Before I get to the primary issue, there are two complaints that fans have that are simply uncontrollable from those who put the broadcast over the air: commercials and cartoons. It’s no secret that NASCAR as a sport isn’t as financially viable as it once was, so having several commercial breaks isn’t a surprise, as it also happens during NBC's portion of the season. The one real problem is timing (more on that later). As for the dreaded cartoons, the NASCAR producers are simply utilizing what is given to them by FOX executives. If you watch MLB or NFL coverage on the network, you’ll see a similar graphics package. That has more to do with company brand identity than making a mockery of the sport, which is how many purists baselessly view it.

The overarching, controllable issue with “NASCAR on FOX” is two-fold: timing and communication. Commercials need to air, but take a longer break earlier in the race, rather than a full screen, three minute break with less than 10 laps left in a stage, which is precisely what happened on Sunday. Promote Kevin Harvick’s podcast, but not while Erik Jones is injured and having trouble exiting his car, which Mike Joy only mentioned in passing long after the wreck occurred. As a director myself, it’s a necessity to communicate with on-air talent. There are clear moments constantly that indicate the absence of said communication, particularly when they cut to built-in content, such as team radio audio, and there are several seconds of dead air in between. There was another moment last week where Jamie Little could be heard off-mic doing a pit report that was never used. These mistakes are inexcusable.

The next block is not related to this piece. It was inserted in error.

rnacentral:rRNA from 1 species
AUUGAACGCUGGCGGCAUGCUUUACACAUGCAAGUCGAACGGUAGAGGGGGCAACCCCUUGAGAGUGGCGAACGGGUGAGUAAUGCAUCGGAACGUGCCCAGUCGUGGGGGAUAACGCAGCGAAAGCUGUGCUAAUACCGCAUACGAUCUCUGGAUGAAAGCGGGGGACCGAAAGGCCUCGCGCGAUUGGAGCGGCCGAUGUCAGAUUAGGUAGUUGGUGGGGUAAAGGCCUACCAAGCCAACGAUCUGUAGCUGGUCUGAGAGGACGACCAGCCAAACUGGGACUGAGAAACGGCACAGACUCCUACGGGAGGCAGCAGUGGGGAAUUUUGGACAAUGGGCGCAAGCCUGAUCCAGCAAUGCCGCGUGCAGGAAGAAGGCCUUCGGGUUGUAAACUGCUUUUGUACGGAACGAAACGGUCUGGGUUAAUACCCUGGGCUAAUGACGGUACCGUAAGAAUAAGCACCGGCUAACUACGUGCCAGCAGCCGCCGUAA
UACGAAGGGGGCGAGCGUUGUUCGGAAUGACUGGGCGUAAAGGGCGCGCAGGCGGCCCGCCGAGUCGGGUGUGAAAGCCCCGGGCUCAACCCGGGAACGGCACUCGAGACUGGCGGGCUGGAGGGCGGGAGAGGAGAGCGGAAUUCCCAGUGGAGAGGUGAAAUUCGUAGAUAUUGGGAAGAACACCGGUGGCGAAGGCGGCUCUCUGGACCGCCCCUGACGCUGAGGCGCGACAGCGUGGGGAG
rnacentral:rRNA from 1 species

All of this culminates in disastrous coverage of the final lap of the GEICO 500. There were multiple moments where the announcers stepped on each other’s toes, a couple of camera angles were overly zoomed in, making it difficult to see what runs were being generated within the pack, and worst of all, as Tyler Reddick took the checkered flag, everyone failed to account for Corey LaJoie riding along the wall and flipping across the start-finish line.

While it is understandable that FOX waited to show a replay of the accident until all of the drivers had climbed from their damaged vehicles, five minutes went by before there was any mention that LaJoie had gone upside down. Three different replays were shown until finally, a clear angle directly on LaJoie’s car documented what had happened. The problem was that this angle was the action camera at the entrance of turn 1, which was one of the most actively used cameras of the race. How was this view so hard to find?

NASCAR on FOX still has a special place in my heart. But Sunday’s race was one of countless examples of the network’s coverage quality free-falling from its glory days of the 2000s. With FOX set to own the rights to early season through 2031, the hope is that changes for the better are on the way. These changes are crucial, as a sport with a declining fanbase is dependent on solid television coverage to bring new, younger fans into the fold.